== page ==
Is Grad School Worth the Cost?

Most of my friends have been working for a few years now, and many are deciding if they should go to grad school in hopes of better job prospects and longer term higher earning. Obviously, the value of going back to school varies by industry – some require higher education in order to climb the ranks, while others are far more heavily weighted towards merit. Once you take into consideration things like negotiation skills and networking, actually quantifying the value of education varies by person and is impossible to measure. Instead, let me present my side of the story. Maybe it will help you, maybe it won’t. Regardless, I’m curious to see if my decision to stay in school 3 years ago has made a significant earnings impact for me yet.

When I completed my undergraduate degree, the only job offer I had was to be a Risk Analyst in Philadelphia making $50K a year. I was worried about living in an expensive city (that’s funny to me now, but Philly seemed pricey to me then) on what I considered to be a very average salary. For me, choosing to go to grad school instead was a no-brainer. Now that it’s been a couple years, it’s time to look back and see what my ROI was on getting a Master’s degree.

Salary Projections:


Okay. First off, there are a lot of assumptions going into the numbers above. Since my job offer in Philly was one with little to no bonuses, Year 1 is pretty self-explanatory. For the rest of Philly, that’s assuming a 4% increase in salary, which can be quite high depending on the company. I assumed a promotion/new job after 2 years that brought me to $60K in year 3. A 15% increase in pay is higher than a typical promotion, so it’s more than possible that if I had taken the offer my salary might be even lower right now. As for the Grad School row, those are pretty much historical numbers. Since I changed jobs in the middle of the year, I just took an average of my salary each month this year. I don’t want to project what I’ll be making by the end of next year – I have high hopes, and there shall be no chicken counting before eggs have hatched in this basket.

Net Worth Projections:


These are the more important numbers. If I had moved to Philly, I would’ve had the added cost of rent and a car to pay for. Since the offer was at a mortgage insurance firm, I likely would’ve paid attention to things like building good credit and saving for retirement, so this also assumes significant retirement contributions. As you can see in row 2, grad school set me back $35K. Because my job offer after graduation was close to home, I saved money on rent and didn’t have to pay for a car, paying off nearly $15K of my $35K debt in the first year. I also saved heavily at that time, in some months putting away nearly 60% of post-tax income away into retirement. The most important thing is that by the end of next year, I’ve projected my net worth to be higher than if I had taken the job in Philly.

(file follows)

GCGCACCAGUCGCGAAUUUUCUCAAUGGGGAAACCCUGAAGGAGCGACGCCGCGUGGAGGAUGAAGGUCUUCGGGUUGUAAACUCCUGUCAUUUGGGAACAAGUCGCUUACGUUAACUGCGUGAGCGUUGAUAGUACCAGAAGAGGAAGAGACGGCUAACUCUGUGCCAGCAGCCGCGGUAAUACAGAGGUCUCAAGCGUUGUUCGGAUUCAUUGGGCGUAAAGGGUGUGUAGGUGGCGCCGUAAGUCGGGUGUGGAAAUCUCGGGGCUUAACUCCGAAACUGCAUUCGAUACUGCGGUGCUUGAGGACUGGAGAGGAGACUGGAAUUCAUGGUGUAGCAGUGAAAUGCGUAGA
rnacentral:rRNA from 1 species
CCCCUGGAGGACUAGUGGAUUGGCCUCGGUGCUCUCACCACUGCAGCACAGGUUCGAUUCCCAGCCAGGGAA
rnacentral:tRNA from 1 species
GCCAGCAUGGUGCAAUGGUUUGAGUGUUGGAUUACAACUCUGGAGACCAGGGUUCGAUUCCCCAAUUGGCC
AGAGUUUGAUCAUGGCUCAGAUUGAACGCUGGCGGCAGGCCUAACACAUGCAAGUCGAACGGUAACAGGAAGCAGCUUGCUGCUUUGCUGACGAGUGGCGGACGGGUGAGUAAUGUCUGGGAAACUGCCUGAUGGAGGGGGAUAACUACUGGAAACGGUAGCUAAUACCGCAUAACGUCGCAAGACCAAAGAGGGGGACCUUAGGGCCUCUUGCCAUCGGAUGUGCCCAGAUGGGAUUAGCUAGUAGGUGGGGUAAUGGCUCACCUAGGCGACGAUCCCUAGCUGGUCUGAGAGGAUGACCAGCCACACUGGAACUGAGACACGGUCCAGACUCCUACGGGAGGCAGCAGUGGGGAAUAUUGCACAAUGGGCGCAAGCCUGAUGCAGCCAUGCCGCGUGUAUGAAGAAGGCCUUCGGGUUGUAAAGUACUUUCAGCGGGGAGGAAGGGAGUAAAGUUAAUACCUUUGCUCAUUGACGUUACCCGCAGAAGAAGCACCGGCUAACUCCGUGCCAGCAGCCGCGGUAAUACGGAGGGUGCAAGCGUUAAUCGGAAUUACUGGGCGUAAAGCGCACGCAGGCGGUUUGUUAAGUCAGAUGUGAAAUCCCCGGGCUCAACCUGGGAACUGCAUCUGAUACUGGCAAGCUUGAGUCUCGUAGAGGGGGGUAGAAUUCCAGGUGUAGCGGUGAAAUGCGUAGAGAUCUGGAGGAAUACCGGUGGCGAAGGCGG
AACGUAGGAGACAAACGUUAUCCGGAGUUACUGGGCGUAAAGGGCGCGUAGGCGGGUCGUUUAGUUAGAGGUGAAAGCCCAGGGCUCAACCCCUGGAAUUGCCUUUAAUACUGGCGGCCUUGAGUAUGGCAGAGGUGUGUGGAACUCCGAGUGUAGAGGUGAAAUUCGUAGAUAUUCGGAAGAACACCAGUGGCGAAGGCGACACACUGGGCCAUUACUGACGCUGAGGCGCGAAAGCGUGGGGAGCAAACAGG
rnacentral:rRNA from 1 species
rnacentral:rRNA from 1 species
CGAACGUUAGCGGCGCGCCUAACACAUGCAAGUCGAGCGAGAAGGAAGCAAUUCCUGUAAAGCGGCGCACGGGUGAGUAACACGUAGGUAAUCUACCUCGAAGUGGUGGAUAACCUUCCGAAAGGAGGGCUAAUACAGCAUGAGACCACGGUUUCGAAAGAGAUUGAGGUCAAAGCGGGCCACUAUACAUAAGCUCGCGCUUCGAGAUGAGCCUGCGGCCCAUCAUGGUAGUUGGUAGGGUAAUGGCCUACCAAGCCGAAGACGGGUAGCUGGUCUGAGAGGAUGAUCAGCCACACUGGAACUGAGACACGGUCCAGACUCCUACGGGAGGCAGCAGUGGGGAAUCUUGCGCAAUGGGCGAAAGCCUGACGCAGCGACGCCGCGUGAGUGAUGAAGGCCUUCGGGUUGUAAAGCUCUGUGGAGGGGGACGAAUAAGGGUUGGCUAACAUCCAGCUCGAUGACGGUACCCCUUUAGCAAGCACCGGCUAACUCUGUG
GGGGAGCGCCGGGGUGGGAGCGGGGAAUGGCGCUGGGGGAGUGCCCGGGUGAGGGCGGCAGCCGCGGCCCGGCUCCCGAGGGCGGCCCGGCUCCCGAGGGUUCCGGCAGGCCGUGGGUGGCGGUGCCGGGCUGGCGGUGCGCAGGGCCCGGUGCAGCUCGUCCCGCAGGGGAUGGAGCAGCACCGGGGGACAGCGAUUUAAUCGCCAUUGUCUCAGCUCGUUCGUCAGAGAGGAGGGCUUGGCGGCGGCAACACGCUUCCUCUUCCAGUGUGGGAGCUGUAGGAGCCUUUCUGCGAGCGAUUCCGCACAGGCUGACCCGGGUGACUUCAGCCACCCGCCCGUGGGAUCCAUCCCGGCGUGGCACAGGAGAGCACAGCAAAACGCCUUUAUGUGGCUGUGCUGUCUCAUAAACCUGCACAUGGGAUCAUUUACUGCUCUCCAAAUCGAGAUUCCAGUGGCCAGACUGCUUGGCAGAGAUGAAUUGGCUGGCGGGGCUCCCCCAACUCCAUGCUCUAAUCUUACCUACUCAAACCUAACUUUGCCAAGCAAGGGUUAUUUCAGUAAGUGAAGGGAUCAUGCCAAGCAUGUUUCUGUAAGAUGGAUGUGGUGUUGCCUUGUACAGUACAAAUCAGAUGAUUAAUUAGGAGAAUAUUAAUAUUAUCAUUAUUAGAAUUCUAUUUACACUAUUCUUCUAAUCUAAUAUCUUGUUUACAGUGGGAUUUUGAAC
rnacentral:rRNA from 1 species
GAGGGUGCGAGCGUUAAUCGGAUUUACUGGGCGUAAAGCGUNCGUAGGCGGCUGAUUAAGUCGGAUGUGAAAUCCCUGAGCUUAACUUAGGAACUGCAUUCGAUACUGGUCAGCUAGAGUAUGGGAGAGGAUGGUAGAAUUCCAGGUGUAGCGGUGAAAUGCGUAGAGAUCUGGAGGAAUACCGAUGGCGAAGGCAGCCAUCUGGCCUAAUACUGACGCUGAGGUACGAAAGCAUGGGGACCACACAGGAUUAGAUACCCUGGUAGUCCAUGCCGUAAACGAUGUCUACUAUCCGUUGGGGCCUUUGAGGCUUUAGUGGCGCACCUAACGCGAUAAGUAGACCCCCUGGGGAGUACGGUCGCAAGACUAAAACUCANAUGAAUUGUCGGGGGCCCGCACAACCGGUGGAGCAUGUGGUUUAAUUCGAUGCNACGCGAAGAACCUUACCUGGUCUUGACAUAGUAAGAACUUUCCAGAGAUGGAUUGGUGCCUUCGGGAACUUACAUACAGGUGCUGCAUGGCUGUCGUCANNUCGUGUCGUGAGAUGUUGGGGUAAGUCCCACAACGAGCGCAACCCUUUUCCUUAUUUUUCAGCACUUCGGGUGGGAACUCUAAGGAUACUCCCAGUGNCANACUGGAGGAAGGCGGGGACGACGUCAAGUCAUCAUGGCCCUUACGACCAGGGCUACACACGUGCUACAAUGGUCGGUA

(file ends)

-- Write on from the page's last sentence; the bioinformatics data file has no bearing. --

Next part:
Net Worth Projections, excluding Retirement:


This chart makes the most sense to me. I’ve only recently begun to take up personal investing, which is something I doubt I ever would have attempted in my 20s if not for grad school-related experiences. Since I plan on investing far more heavily in myself next year (and my debt will be fully paid off), that’s where the difference is most evident to me. I’m very much a cautious person, not just in investing but also when it comes to self-promotion at work.


What does it all mean?!?

Costs aside, there were a ton of intangible benefits of grad school that don’t have a dollar amount ROI associated with it. I learned how to talk to people in a professional setting (I sort of could do this before but it may or may not have set off PANIC MODE every time), met a lot of really smart people (like my boyfriend, heyyyyy), and just generally used the time to figure out what direction I wanted my career to go in, rather than jumping into something I was very likely not going to enjoy. 100% honest here – I’m still figuring out my direction even as I type these words. Do I want to go teach English in China? Blog from a beach in Thailand? Get to the top of my current field? Who knows? But at least I know where to get the information I need to make those decisions. That doesn’t put me ahead of the curve, but I know I’m not falling behind. If you’re reading this, you’re probably in the same boat. Go us!

Still unsure whether grad school is worth it? I think that as long as the financial burden of higher education is something you can handle, then go for it. The experiences you get from it are invaluable, I promise.


  1. Author

    I think graduate education is far more valuable than undergraduate. It provides a more meaningful and tangible experience than most undergraduate programs, and really helps one focus into a specialty or develop mastery of a skill set. A standard college education is, unfortunately, a huge money sink for a rather risky bet.

    And on a less academic note, being surrounded by a smaller, more closely-knit cohort of similarly-engaged individuals (because let’s face it, college is now full of people who don’t want to be there) really makes for a special experience. I made friends in college, but I made best friends in grad school.

    Also, heyyyy 😉

    1. Author

      I definitely don’t disagree with you. I made best friends in grad school, too. However, I do believe it’s not a choice that makes equal sense for everyone.
      Also, heyyyy 🙂

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